From news channels to dinner tables, cryptocurrencies such as Bitcoin are once again the center of financial discussions. The price of many cryptocurrencies — digital currencies based on top of blockchain technology — soared by 100s of percent in the last few months. Bitcoin, for example, breached its previous all-time high of $20,000 and set a new record of almost $42,000.
While the 2017 bull-run was said to be pumped by retail investors, the present one is fuelled by institutional money. Many major institutions recently joined the crypto bandwagon, investing hundreds of millions of dollars to diversify their portfolios. Retail investors too have been quick to see the opportunity and invest in their favorite cryptocurrencies.
Joel Edgerton, the COO of a San Francisco-based cryptocurrency exchange, bitFlyer USA, indicates one of the major reasons why people are investing in cryptocurrencies is that they create a fairer financial system. Edgerton, who previously worked with many major financial institutions across many countries, decided to join bitFlyer after realizing the impact blockchain and cryptocurrencies can have on the present financial system.
Edgerton is currently the COO of bitFlyer USA, a subsidiary of the largest Japanese cryptocurrency exchange bitFlyer. He explains that he joined bitFlyer over other cryptocurrency exchanges because the company’s vision and mission closely align with that of Bitcoin.
bitFlyer’s focus remains on adding value to its customers rather than working like casino exchanges that mainly vie for profits by luring new users through high-risk investment opportunities. Through bitFlyer USA, Edgerton aims to bring better values into the American crypto markets, which is currently overloaded with exchanges taking unfair advantage of its users.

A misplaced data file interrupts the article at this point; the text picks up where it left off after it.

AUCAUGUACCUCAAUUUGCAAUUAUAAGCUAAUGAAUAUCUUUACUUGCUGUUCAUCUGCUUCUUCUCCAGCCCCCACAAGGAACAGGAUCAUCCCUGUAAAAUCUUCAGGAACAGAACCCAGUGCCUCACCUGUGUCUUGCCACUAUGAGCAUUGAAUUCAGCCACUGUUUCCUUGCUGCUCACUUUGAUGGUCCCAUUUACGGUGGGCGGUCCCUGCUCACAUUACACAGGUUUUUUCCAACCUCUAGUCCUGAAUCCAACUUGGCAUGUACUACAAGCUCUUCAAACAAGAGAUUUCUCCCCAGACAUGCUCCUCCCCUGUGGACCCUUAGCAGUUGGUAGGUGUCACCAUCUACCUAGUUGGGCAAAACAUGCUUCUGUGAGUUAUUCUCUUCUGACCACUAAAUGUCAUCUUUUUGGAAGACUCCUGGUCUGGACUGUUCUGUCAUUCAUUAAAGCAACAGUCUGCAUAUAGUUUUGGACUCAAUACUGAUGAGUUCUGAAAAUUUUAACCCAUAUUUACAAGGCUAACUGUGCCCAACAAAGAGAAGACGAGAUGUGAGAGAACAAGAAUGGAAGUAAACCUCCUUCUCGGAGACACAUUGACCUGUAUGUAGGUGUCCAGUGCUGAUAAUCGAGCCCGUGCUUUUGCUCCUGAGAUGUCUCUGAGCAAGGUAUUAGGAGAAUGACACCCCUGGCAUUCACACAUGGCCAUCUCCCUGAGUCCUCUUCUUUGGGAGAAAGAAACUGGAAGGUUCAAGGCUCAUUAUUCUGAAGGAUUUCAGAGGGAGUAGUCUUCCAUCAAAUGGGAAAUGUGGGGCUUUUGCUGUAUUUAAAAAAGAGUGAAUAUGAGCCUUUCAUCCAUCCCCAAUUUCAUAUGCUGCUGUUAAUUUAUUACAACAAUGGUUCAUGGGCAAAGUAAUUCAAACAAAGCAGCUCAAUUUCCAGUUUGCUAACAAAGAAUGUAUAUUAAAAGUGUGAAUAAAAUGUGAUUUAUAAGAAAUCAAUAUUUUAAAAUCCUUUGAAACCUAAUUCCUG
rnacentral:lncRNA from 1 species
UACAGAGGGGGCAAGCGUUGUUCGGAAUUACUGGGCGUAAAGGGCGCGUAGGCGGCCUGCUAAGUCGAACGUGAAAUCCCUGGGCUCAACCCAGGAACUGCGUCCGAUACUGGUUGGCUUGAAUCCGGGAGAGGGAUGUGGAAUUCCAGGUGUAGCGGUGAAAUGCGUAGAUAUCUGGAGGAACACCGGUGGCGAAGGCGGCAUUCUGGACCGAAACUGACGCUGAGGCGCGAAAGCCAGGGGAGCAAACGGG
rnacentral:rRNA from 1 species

As the craze and demand for Bitcoin and cryptocurrencies grow stronger, Edgerton sheds light on various aspects of cryptocurrencies by answering some critical questions about their use and adoption. Let’s dive in.
Why is Bitcoin’s demand growing so rapidly?
Bitcoin belongs to a relatively newer asset class that is still in the long-term price discovery phase. The most similar asset class to that of Bitcoin is gold, which is why Bitcoin is also often referred to as digital gold, notes Edgerton.
Bitcoin has a clear path forward as a replacement of gold, but it currently only has a market capitalization of $650 billion as compared to roughly $11 trillion of gold. So, there’s plenty of room for competition, he adds.
It is worth noting that institutional investors are together moving billions into Bitcoin. A major reason for doing so is that Bitcoin is a good hedge against government debasement of fiat currencies, i.e., the printing of more money leading to higher inflation.
Now, Edgerton states, the printing of more money is generally an advantage for asset classes like gold as a store of value. And Bitcoin exhibits…